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Great tailor needed for custom clothing

post #1 of 16
Thread Starter 
I would like to take some favorite items to a great custom tailor in Los Angeles. Any recommendations ?
post #2 of 16
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post #3 of 16
charles the tailor on Pico or maybe it's Olympic. he's worked one several of my items and he does an actor's clothing who buys from me.
post #4 of 16
I'm interested in the same question. I'd like a reliable tailor in LA to work on my suits. I'm also wondering if there is a good tailor in LA that makes custom suits for around $1000. I know a few that work in the $2500-$5000 range, but that's out of the question for me.
post #5 of 16
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post #6 of 16
When I lived on the west side I used to get alterations done by Harold Kim at Tartaglia, across the street from the Peninsula in BH. I haven't been out that way in a long time and I don't know if he is still around. He always did a good job on my suits (sometimes extensive work, like recutting trousers), and I know a couple of people who got custom suits from him that were decent. I've had my last couple of RTW sport coats altered at Bill Cairo on Huntington in San Marino. They do a nice job.
post #7 of 16
for alterations i recommend enzo caruso. his shop is in santa monica on ocean park, near 31st street. baron, if you need a custom suit in that price range, i'd say mr. young's on wilshire boulevard near vermont avenue. he will give you a full canvas front with handwork where it's needed. his client's include many celebrities and television shows. prices start at $700 and go up fast. be very specific about your styling preferences, otherwise you'll end up with a big shouldered boardroom sack.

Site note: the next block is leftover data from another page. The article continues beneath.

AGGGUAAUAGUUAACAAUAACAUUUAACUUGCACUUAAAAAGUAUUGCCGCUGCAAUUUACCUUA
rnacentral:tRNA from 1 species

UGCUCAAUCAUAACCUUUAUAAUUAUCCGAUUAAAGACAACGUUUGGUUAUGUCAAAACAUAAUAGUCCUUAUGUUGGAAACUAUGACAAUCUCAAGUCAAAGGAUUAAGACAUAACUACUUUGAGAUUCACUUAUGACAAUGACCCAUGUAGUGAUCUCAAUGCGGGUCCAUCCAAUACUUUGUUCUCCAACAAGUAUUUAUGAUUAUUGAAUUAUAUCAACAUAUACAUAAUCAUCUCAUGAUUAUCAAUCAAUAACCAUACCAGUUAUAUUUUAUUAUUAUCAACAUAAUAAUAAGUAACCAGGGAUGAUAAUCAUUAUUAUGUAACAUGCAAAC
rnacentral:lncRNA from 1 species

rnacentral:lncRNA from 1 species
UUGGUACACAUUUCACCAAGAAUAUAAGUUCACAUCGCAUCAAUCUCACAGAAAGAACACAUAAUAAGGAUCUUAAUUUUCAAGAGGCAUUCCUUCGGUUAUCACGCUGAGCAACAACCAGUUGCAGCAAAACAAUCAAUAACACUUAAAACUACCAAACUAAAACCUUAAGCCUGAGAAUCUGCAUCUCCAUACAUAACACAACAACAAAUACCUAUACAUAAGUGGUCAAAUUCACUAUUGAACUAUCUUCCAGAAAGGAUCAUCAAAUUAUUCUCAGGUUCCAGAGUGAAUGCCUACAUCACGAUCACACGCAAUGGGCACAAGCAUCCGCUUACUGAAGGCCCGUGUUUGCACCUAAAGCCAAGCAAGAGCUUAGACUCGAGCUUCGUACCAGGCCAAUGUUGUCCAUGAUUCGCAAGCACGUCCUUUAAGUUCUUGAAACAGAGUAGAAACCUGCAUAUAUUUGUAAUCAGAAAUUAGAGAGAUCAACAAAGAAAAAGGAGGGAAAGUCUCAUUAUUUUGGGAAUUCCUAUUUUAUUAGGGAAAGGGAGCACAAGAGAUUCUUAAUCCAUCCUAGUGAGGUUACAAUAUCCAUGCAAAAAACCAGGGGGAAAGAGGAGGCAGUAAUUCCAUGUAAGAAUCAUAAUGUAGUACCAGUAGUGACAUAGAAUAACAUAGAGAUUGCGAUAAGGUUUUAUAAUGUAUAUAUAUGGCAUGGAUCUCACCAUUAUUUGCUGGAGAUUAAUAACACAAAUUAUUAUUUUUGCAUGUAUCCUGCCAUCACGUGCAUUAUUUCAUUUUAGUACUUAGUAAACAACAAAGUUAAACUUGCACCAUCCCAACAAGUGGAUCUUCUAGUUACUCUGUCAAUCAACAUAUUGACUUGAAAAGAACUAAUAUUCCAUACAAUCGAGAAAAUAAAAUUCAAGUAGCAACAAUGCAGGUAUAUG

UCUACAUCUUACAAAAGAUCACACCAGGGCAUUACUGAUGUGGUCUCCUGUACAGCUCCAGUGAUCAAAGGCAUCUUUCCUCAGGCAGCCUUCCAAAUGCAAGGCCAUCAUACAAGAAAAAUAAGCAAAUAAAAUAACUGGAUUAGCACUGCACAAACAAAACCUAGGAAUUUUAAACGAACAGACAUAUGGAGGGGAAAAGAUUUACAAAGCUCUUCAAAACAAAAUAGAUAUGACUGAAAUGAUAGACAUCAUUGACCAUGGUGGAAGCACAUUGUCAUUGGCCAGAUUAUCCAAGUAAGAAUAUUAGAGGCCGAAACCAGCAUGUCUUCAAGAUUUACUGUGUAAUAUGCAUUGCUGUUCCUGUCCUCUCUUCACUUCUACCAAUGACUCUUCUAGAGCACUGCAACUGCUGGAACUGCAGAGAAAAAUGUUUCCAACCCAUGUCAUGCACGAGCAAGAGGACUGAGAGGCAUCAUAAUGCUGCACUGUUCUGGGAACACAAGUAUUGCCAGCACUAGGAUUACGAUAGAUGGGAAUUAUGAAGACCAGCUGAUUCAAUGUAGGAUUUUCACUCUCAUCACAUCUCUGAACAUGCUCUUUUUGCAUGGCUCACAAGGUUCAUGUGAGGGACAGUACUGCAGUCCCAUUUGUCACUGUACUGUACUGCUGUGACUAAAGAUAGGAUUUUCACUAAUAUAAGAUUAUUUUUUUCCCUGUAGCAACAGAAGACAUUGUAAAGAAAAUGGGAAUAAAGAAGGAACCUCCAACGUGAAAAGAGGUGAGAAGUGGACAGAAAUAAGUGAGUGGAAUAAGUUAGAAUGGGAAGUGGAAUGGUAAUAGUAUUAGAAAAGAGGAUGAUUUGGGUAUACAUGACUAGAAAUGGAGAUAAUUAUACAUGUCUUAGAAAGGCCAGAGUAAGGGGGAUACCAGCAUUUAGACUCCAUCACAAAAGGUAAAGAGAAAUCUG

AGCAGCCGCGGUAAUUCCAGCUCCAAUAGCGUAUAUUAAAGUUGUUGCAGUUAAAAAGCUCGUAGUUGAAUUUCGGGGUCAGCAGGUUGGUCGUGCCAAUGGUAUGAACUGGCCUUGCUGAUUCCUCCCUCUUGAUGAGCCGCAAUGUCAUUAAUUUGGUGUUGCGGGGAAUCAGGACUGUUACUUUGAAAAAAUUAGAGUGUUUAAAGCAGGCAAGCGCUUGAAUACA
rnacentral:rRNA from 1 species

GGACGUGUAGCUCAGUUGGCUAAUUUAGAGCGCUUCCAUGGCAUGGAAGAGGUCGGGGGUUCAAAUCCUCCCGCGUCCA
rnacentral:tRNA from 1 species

post #8 of 16
I second the recommendation of Charles, who is on Olympic and LaPeer. Jeff, the manager at Scott Hill, referred me to him several years ago when Scott Hill's in-house tailor was not up to snuff--I would get a credit on the suits I purchased to offset the alterations bill (the credit was never as much as the bill--Charles is not cheap). He has altered around a dozen suits (mostly Kiton, a couple of Brioni and an Attolini), and done a terrific job each time.
post #9 of 16
charles is not cheap, no doubt. he said he's retiring in 1.5 years. you get what you pay for though, so he's good
post #10 of 16
Maybe this should be posted as it's own topic, but I'm wondering what my best option is: Option 1: Mr Young on Wilshire as recommended by Matadorpoeta for a fully custom suit; Option 2: WW Chan, coming in November for a custom suit, only on e measure. I've heard the suits are very well done; Option 3: A very nice RTW off of ebay, like a Borrelli I've been looking at for about $1000. Will the Borrelli be higher quality than the Chan? Can I get something with a stylish cut from a lower cost local tailor? I like the things I see on ebay, to a point, but I would really love to pick my own fabric and style and rather than take whatever is available. Any advice?
post #11 of 16
Quote:
charles is not cheap, no doubt.  he said he's retiring in 1.5 years.  you get what you pay for though, so he's good
Re: Charles: Can you give us a rough idea of the costs, roughly for different spots of tailoring? Thanks. H.
post #12 of 16
Quote: